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The 33rd anniversary of the death of Bob Marley recently passed. Meanwhile, the fight over the estate of Mr. Marley, who died on May 11th, 1981, continues in the English courts. Ownership of some of the songs written and recorded by Bob Marley will be argued at the Chancery Division of the High Court in London. Two of Marley’s best-known songs, No Woman, No Cry and War, are at stake.
Marley was a musical pioneer with his reggae music that gained an international following. However, Mr. Marley did not leave a will, apparently because of his religious beliefs. The Rastafarian view of death and the afterlife kept Mr. Marley from any estate planning. In the Rastafarian belief, life is eternal and reincarnation is imminent.
As a result he created a lengthy probate mess that has continued for decades and is not over yet. There have been numerous lawsuits and probate court proceedings in Jamaica, the United Kingdom, and in the United States.
It is said that Mr. Marley’s net worth in life reached an estimated $30 million, but the value of his estate continued to grow after his death. It is estimated that in 2012 alone the Marley estate produced about $18 million.
All the fighting over money seems ironic given the messages of peace and love that Mr. Marley spread through his music. Much of the fighting could have been prevented with some good estate planning. Even if he could not execute a last will and testament, a living trust could have helped avoid the many legal battles over his estate.
R. Bryan Nace will be one of the speakers at the National Business Institute’s upcoming Trusts 101 seminar on June 18, 2014 at the Sheraton Suites in Cuyahoga Falls, Ohio. The seminar is designed for professionals involved in creating, administering and terminating trusts, including:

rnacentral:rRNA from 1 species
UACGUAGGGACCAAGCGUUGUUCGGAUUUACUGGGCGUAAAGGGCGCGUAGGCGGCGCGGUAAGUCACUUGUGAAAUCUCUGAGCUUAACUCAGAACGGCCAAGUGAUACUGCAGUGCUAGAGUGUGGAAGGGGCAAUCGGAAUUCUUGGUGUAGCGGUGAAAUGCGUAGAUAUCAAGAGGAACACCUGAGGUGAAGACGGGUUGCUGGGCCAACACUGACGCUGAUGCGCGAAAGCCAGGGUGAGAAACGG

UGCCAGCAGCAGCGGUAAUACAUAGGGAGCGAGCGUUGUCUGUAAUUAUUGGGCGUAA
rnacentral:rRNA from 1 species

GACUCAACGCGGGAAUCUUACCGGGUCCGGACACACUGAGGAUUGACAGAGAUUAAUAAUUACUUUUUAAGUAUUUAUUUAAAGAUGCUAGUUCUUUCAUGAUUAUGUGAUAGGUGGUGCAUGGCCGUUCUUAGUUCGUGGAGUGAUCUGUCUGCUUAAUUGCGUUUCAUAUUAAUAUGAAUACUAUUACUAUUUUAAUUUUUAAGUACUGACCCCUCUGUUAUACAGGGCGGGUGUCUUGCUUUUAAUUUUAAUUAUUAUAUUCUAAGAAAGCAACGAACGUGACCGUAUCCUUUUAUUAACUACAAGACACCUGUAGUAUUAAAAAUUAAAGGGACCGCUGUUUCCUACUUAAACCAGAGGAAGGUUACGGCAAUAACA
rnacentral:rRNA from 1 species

- Financial Planners
- Accountants and CPAs
- Tax Preparers
- Trust Officers
For more information, follow the link below:
At least one Ohio Probate Court has upheld a last will and testament made and signed on a tablet. Judge James Walther of the Lorain County Probate Court has admitted to probate an electronic will written and signed on a Samsung Galaxy tablet. The witnesses to the will testified in probate court in support of the will. In fact, at least six persons testified as to the validity of the will. No one objected to its admission. Even the parents of the deceased person did not object, despite the fact that pursuant to Ohio statutory law (ORC § 2105.06) they would have inherited all if there was no will.
The Court found that the tablet will constituted a “writing” and was properly signed under Ohio statute (ORC § 2107.03). The Court also found that the witnesses provided sufficient evidence to establish this “writing” as the deceased person’s last will and testament.
This was a case of first impression in Ohio and we are likely to see more of these types of wills. However, this does not mean this is a good way to make a will, at least at the present time. There are many possible pitfalls and practical problems with making a will on a tablet or other computing device. First off there is the problem of preserving the electronic will in an acceptable format. There is also the impracticality of having multiple witnesses available and willing to testify in support of such a will when the time comes. And other courts may disagree with Judge Walther’s ruling.